Risk Based Work Selection for Shutdown or Turnarounds – An Effective Method

Aug 18, 2022 | Work Management / Planning and Scheduling | 0 comments

Owe Forsberg


an Independent Subsidiary of TRM, Inc.


Owe Forsberg introduces you to Risk Based Work Selection for shutdown or turnarounds in part 2 of this six part video series. This shutdown technique ensures that you’re working on the right maintenance jobs for your shutdown or turnaround.   Learn more about the 6 phases of Shutdown and Turnaround Management.

Watch Part 1

What is Risk-based Work Selection?

The second phase of an effective Shutdown Turnaround Optimization Process is to decide what maintenance work will be done during the shutdown. This work-list selection defines the scope of work.

Risk based work selection is an organized and objective process. You calculate consequence of action or condition x the probability of something happening if you don’t do the job. We suggest using a risk-based matrix (see the image below) as a tool to decide what work will be included based on consequences such as health, safety, environmental or business impact x the probability of an event happening in a certain amount of time.

risk based work selection for shutdown or turnarounds for shutdowns

This is an example of a risk-based work selection matrix to decide what work should be done during a shutdown

Benefits of risk-based work selection

There are significant benefits of using a risk-based work selection (RBWS) method and matrix such as the one above for your shutdown or turnarounds.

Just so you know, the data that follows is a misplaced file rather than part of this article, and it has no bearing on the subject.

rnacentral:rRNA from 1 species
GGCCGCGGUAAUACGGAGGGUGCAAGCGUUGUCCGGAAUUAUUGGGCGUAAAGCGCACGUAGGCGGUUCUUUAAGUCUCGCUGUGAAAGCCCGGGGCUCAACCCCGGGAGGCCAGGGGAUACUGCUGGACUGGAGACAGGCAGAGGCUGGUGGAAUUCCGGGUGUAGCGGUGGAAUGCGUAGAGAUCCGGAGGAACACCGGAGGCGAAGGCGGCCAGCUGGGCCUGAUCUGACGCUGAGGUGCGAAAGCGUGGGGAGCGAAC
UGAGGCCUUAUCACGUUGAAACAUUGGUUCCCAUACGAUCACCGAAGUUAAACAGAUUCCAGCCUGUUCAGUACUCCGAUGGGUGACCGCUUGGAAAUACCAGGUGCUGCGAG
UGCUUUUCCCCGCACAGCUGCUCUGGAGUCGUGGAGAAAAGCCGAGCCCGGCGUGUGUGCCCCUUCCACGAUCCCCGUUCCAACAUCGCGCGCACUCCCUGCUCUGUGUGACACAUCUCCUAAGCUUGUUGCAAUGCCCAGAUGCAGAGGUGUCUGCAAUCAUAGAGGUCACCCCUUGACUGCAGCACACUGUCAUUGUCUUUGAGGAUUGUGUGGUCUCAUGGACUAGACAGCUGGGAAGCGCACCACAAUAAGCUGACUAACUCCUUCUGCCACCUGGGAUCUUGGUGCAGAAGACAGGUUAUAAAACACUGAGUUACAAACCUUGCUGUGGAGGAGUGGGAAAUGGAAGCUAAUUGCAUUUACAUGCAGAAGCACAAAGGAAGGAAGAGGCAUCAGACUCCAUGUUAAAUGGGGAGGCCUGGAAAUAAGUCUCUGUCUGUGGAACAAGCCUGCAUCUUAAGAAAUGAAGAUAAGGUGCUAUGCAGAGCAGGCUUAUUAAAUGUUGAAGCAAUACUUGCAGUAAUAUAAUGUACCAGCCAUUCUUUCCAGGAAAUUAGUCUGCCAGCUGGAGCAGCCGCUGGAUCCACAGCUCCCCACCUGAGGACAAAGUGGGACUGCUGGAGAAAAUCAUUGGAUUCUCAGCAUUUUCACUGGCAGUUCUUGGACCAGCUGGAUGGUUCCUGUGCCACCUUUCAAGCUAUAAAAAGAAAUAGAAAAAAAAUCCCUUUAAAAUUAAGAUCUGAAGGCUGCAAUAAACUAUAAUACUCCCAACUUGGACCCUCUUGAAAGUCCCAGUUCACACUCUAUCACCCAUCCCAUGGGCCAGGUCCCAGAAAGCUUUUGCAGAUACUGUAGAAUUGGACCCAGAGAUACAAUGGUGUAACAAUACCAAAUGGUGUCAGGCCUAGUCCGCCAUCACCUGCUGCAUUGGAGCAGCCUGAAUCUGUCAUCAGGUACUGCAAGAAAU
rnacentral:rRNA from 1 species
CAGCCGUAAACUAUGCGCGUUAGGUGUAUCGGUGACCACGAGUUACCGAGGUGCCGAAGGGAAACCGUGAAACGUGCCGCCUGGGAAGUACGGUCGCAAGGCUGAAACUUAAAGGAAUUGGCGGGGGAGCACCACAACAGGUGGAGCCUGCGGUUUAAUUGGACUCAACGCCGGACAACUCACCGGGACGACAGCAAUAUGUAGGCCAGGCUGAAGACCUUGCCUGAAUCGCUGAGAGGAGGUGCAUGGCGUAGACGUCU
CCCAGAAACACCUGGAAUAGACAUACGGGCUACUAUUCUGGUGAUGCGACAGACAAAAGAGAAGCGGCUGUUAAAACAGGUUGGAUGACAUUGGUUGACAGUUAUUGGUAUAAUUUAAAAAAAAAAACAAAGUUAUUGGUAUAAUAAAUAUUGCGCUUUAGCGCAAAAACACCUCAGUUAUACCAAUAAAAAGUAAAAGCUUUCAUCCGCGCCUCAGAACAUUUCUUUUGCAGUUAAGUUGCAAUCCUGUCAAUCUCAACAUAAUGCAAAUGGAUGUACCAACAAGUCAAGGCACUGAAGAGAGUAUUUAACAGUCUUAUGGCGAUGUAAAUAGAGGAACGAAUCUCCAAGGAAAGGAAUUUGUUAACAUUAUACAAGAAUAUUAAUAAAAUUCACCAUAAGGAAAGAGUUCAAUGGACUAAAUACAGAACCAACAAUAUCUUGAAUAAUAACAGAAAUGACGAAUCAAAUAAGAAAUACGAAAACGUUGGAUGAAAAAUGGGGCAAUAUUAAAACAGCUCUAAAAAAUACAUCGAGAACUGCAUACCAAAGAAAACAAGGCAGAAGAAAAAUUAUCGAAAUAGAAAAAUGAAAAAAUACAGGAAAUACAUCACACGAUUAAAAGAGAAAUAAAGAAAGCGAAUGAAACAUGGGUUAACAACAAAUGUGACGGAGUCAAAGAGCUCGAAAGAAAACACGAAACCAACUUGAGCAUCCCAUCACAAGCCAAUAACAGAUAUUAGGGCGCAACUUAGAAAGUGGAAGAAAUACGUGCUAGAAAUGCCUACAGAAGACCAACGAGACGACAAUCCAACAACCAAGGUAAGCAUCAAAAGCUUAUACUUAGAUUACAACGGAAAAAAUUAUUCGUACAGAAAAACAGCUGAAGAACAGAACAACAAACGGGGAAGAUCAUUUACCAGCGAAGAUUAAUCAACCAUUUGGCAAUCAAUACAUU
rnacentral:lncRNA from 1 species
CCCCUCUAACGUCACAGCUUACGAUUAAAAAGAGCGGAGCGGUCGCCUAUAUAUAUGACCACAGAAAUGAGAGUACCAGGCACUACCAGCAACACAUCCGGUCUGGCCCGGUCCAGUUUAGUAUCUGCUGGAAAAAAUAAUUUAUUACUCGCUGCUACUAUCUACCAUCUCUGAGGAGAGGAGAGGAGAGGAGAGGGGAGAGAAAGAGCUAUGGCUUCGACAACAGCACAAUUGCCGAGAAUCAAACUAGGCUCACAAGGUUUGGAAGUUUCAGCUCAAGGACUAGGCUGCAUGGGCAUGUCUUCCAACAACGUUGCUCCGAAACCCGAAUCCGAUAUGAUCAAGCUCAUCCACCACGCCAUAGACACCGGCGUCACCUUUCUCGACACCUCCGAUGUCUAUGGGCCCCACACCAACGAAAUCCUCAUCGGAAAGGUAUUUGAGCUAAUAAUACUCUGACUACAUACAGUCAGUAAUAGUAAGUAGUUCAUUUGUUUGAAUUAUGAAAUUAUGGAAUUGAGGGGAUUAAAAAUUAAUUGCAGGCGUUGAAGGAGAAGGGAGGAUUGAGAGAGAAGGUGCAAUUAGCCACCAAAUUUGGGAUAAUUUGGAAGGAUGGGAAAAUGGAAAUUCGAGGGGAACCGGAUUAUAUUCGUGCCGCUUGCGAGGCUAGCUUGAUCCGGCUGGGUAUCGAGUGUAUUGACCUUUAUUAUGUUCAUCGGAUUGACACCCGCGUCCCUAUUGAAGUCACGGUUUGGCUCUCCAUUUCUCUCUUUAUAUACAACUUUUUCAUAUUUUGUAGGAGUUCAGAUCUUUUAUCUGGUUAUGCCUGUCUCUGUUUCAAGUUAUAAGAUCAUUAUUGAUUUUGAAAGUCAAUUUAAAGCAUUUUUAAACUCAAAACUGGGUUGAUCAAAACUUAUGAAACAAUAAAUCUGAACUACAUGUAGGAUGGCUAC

• High-risk work is identified
    • Non-value work is eliminated
    • The right prioritization of work to be done will aid the planning, scheduling and execution of the work
    • Less costly alternatives will be identified – can this work be done without shutdown, etc.
    • Identification of work that drives equipment reliability
    • You’ll move from a “gut” feeling to a more objective selection based on risk

NOTE: RISK can be subjective based on personal preference of bias. Using a matrix tool and defining consequences and probability allows you to have a process where you pose questions and/or ratings to make the group decisions more objective.

Below is an example of work orders that we use in our Shutdown Turnaround Optimization Training course. To determine if the work needs to be done, you’ll ask key questions and rate the answers based on history and other relevant information.

Work Order: Feedwater pump #4, there is a high vibration reading on drive-end bearing, high priority


Risk based work selection questions to ask:

    • Risk assessment of not doing the work? Answer: Not acceptable
    • Can the work be deferred to next shutdown? Answer: No
    • Can the work be done economically and safely outside of outage? Answer: Yes, execute the work outside the outage. Why? There is a spare pump in place. An approved repair shop is in the region with a two-week repair turnaround.
    • Can the work scope be reduced? Answer: No
    • Work item to remain in the scope? Answer: No, based on the spare pump and the availability of a repair shop.


Are you ready to have your shutdowns or turnarounds be more effective? Contact us today.


Reach out to us at AskTRM@trmnet.com if you have any questions or would like to discuss maintenance and reliability consulting or training.